The Hot Trod: A History of the Anglo-Scottish Border (Hardcover)
The 2014 Scottish independence debate and the re-ignition of the SNP’s call for a 2nd vote in the wake of Brexit and indeed Brexit itself opens a window for a re-appraisal of what nationality/frontier and borderer identity actually mean in the 21st century, and a chance to ponder on how the past affects this. As a borderer and historian John Sadler is uniquely qualified to examine the border from Roman times to today. He's been in these Marches all his life, studied and read about their wild inhabitants, traversed every inch and studied every castle, bastle, tower and battlefield.In July 2010 in Rothbury, a latter day outlaw, Raoul Thomas Moat, a vicious petty criminal and murderer, holed up in Coquetdale as hundreds of police tried to flush him out. Nasty as he was, he became a kind of instant folk hero to some. Four centuries ago, Moat would barely have been noticed on the border - just another violent Reiver.From the Hammer of the Scots, William Wallace, Roibert the Bruce, Mary, Queen of Scots, right through to today's new nationalism, the story of the borderlands is tempestuous, bloody and fascinating.And a 'Hot Trod'? If your cattle were stolen there was a LEGAL requirement to pursue the rustlers within six days, otherwise you're on a less enforceable Cold Trod.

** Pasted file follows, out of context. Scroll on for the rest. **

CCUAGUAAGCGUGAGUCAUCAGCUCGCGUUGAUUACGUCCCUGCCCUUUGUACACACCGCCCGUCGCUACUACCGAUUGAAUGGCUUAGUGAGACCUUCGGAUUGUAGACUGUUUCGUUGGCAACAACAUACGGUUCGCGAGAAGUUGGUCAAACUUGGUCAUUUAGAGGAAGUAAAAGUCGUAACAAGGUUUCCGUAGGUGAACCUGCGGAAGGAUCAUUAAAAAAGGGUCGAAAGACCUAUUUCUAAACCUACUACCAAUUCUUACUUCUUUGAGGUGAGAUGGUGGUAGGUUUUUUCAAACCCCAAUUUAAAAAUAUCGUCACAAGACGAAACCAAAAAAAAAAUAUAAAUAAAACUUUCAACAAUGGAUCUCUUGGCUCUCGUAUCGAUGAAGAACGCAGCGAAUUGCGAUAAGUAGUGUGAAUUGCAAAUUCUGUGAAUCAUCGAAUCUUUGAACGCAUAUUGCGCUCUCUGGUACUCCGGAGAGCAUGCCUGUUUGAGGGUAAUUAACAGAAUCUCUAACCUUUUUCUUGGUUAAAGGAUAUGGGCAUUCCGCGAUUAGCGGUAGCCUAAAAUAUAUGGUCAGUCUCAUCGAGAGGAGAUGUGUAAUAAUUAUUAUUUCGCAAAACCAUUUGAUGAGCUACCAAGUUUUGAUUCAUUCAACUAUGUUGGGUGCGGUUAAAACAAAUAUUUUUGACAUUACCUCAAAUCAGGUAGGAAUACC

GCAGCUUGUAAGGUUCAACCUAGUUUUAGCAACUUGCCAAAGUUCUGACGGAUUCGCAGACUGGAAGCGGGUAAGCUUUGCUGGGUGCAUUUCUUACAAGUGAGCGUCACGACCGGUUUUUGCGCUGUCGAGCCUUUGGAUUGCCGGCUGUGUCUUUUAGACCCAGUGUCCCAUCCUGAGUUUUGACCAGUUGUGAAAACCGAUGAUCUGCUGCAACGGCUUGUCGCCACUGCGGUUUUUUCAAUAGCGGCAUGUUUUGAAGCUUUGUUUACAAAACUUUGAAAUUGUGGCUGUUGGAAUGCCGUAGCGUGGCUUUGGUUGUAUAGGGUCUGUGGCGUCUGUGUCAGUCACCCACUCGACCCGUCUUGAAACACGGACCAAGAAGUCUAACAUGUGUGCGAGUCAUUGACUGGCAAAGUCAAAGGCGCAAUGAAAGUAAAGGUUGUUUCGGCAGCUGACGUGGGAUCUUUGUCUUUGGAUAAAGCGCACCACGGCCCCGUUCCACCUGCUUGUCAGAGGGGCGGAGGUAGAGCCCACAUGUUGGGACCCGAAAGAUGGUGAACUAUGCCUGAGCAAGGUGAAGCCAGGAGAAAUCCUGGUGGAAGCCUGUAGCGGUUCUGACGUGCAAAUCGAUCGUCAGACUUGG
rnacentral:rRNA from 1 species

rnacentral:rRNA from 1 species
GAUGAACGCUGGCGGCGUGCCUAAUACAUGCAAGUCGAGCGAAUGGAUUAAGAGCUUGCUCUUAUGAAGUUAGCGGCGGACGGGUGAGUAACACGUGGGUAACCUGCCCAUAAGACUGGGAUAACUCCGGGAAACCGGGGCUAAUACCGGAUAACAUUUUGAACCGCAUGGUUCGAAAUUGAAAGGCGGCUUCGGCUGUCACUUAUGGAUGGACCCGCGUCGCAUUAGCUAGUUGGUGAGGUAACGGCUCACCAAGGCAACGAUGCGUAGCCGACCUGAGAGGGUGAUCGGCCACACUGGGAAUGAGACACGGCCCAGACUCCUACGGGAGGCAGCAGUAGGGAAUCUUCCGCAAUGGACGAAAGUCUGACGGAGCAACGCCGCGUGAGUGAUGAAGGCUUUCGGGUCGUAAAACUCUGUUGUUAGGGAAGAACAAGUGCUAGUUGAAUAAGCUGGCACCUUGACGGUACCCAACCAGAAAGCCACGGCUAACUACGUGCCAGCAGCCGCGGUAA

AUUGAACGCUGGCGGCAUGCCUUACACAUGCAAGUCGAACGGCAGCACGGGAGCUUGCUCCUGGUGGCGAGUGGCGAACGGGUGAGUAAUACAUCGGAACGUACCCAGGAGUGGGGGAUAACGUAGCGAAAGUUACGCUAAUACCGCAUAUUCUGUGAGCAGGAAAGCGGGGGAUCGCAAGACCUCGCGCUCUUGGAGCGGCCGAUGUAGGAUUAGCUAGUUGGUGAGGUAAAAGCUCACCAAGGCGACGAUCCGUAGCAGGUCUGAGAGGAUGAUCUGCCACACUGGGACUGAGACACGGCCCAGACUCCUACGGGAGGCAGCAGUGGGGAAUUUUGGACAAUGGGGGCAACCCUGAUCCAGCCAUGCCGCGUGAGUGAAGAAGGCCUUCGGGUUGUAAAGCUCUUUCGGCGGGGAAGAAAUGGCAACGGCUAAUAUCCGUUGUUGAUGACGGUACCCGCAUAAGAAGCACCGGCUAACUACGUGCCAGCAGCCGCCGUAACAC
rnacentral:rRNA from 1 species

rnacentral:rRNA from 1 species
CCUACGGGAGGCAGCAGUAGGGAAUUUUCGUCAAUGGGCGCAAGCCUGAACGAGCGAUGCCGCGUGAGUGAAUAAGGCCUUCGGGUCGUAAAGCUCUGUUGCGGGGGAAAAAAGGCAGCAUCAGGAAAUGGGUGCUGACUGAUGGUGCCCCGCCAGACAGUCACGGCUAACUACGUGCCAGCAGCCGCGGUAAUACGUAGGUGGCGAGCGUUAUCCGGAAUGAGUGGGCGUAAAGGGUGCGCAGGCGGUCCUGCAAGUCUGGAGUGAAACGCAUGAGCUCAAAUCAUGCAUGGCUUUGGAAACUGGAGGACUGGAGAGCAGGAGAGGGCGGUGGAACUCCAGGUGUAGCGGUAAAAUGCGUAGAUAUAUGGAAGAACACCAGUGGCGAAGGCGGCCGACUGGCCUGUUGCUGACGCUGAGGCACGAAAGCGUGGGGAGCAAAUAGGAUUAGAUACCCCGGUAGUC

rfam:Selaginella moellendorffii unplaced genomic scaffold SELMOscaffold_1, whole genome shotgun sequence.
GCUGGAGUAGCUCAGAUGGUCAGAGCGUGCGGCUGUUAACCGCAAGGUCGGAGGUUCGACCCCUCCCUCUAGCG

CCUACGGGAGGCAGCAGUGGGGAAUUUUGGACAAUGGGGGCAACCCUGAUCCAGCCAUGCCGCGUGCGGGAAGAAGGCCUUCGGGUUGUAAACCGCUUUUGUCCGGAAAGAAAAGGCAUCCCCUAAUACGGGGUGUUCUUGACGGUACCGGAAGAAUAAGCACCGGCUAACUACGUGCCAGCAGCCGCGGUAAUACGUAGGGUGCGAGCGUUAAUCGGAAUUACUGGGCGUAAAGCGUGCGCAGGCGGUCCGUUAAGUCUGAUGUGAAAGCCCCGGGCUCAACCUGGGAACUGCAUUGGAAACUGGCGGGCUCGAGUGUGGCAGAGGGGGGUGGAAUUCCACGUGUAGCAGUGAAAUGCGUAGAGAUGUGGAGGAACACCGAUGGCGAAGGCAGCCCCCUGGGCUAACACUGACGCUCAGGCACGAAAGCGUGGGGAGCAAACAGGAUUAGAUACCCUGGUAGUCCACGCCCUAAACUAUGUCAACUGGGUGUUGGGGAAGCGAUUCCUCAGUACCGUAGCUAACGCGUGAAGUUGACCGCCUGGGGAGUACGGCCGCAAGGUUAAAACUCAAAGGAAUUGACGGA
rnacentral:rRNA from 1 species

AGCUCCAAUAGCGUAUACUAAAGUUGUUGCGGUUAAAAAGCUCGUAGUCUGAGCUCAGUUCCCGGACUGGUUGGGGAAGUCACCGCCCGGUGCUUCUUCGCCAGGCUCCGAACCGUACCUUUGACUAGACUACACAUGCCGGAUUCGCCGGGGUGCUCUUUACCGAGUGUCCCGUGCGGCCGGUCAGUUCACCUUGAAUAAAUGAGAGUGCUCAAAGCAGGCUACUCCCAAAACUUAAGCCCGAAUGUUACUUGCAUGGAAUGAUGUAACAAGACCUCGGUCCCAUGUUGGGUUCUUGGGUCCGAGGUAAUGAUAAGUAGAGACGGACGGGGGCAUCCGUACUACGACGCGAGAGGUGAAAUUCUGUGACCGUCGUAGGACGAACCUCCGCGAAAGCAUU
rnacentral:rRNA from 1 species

John Sadler has had a lifelong interest in military history. He now combines writing with lecturing in History at Newcastle University and working as a battlefield tour guide, living history interpreter, and heritage consultant. He is a keen re-enactor and a long time member of the Sealed Knot Society. He is the author of more than 40 books. He lives in mid-Northumberland.